Ackerman has long held a reputation as the tail that wags the dog at the NRA. But as its media operations have grown, Ackerman has begun to resemble a snake that’s trying to swallow the NRA whole. By 2017, the NRA was paying the firm and its affiliates “nearly $40 million annually,” according to LaPierre — more than it spent to elect Trump.

Wayne LaPierre

LaPierre is the NRA’s longtime, highly paid executive vice president and CEO. LaPierre earns $1.4 million a year, according to the NRA’s latest tax filing. Ackerman gets credit for transforming LaPierre’s public persona from a meek manager into a fire-breathing zealot. But LaPierre comes by his survival instincts honestly, riding out dozens of controversies since taking the reins at the NRA in 1991.

Oliver North

North, infamous for his role in the Reagan-era Iran-Contra scandal, took over the NRA’s presidency just last year. (His predecessor, the gun executive Pete Brownell, chose not to stand for reelection, after the NRA junket he’d led to Russia in 2015 came under scrutiny by Congress.) As North took on the ceremonial mantle at the NRA, he also scored a huge deal with Ackerman to produce content for NRATV that paid him “millions of dollars annually,” according to LaPierre.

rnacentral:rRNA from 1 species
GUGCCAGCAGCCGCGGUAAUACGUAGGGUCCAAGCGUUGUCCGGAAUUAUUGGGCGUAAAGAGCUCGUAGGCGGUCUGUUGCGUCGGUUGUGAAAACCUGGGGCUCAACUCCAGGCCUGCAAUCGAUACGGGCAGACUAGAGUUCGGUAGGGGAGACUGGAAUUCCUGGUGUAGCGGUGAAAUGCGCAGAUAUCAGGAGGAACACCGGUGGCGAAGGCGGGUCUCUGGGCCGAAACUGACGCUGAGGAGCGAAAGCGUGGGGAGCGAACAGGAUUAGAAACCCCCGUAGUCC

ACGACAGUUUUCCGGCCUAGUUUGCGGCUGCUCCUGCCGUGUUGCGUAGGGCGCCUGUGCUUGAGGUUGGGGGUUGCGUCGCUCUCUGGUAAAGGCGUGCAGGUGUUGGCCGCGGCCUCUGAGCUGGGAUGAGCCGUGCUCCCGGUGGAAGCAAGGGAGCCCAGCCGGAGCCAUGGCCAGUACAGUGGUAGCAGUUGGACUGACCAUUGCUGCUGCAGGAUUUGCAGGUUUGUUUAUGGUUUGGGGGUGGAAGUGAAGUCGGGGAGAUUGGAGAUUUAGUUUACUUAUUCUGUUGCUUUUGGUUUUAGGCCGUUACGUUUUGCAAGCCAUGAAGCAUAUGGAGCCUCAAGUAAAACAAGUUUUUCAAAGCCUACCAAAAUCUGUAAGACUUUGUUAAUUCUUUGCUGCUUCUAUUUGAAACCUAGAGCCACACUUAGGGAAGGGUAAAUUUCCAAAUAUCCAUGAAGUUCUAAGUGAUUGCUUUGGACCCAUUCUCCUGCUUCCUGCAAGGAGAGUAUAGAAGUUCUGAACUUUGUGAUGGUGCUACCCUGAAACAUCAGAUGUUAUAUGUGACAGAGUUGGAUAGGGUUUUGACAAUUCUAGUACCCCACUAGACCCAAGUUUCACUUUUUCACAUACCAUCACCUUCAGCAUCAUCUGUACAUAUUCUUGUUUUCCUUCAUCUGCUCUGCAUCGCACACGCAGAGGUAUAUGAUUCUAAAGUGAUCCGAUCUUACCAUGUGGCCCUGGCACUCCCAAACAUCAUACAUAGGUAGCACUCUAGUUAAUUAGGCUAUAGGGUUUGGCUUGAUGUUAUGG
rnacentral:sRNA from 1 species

William Brewer, III

Brewer is the NRA’s top-dollar outside counsel. Adding family drama to the turf battles between the NRA and Ackerman McQueen, Brewer’s father-in-law is Angus McQueen, co-CEO of the publicity firm.


The anti-gun-violence group founded by former congresswoman Gabby Giffords.

Everytown for Gun Safety

The anti-gun-violence group funded by former New York City mayor Michael Bloomberg.

Letitia James

The attorney general of New York, where the NRA is chartered, who campaigned on investigating the NRA’s non-profit status.